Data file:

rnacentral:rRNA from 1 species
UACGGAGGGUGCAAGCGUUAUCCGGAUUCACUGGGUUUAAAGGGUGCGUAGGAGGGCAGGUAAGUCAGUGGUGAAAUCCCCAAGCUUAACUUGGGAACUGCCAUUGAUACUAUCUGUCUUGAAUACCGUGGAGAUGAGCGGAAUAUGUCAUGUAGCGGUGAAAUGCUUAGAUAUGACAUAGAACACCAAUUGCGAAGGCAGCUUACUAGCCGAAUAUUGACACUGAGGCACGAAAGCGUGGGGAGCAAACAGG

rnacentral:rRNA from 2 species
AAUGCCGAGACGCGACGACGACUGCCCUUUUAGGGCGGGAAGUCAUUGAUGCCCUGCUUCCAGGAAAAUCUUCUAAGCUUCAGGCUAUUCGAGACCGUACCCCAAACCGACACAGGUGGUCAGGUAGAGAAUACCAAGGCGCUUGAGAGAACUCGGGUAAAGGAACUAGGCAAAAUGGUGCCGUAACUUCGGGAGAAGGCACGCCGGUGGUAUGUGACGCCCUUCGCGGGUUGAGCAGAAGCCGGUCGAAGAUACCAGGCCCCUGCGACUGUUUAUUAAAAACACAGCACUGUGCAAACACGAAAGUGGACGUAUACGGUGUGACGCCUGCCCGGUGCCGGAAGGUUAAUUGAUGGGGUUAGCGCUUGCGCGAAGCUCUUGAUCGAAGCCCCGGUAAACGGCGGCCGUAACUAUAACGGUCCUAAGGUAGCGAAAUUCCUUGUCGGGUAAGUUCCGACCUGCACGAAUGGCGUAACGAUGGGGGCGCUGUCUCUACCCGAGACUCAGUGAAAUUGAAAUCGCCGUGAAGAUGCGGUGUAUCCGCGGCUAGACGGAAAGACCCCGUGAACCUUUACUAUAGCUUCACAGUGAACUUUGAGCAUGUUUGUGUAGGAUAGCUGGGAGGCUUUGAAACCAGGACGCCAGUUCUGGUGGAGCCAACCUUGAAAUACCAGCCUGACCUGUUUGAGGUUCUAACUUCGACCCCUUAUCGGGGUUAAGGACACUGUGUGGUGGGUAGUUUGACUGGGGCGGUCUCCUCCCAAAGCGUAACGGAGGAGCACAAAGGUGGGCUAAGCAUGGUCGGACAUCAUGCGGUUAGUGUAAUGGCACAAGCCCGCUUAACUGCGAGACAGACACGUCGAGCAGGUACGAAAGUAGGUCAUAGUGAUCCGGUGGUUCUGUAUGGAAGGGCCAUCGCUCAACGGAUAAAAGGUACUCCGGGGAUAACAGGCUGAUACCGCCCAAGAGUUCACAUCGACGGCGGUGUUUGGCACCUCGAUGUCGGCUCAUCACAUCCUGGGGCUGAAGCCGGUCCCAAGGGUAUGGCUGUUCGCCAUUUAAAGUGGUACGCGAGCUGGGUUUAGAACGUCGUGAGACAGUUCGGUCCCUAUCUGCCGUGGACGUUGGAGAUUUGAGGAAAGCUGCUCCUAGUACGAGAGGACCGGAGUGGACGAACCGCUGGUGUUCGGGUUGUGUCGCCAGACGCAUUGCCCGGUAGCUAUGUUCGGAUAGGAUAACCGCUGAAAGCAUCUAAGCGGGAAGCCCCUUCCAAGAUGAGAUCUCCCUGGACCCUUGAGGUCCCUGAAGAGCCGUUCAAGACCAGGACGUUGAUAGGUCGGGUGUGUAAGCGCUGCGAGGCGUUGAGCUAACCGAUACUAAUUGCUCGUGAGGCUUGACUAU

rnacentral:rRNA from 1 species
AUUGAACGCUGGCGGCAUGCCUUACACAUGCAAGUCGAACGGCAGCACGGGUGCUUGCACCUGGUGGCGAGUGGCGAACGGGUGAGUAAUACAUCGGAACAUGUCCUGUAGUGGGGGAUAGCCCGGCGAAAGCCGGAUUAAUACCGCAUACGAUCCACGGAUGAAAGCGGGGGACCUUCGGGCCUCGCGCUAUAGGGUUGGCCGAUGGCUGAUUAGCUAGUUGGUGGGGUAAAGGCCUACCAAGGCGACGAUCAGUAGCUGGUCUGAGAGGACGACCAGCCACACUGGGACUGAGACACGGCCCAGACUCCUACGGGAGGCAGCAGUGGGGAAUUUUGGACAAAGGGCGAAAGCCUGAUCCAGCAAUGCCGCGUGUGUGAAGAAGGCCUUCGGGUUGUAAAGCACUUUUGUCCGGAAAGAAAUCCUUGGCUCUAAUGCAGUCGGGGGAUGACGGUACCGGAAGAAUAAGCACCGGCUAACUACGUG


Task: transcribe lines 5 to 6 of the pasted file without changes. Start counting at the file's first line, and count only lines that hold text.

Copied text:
rnacentral:rRNA from 1 species
AUUGAACGCUGGCGGCAUGCCUUACACAUGCAAGUCGAACGGCAGCACGGGUGCUUGCACCUGGUGGCGAGUGGCGAACGGGUGAGUAAUACAUCGGAACAUGUCCUGUAGUGGGGGAUAGCCCGGCGAAAGCCGGAUUAAUACCGCAUACGAUCCACGGAUGAAAGCGGGGGACCUUCGGGCCUCGCGCUAUAGGGUUGGCCGAUGGCUGAUUAGCUAGUUGGUGGGGUAAAGGCCUACCAAGGCGACGAUCAGUAGCUGGUCUGAGAGGACGACCAGCCACACUGGGACUGAGACACGGCCCAGACUCCUACGGGAGGCAGCAGUGGGGAAUUUUGGACAAAGGGCGAAAGCCUGAUCCAGCAAUGCCGCGUGUGUGAAGAAGGCCUUCGGGUUGUAAAGCACUUUUGUCCGGAAAGAAAUCCUUGGCUCUAAUGCAGUCGGGGGAUGACGGUACCGGAAGAAUAAGCACCGGCUAACUACGUG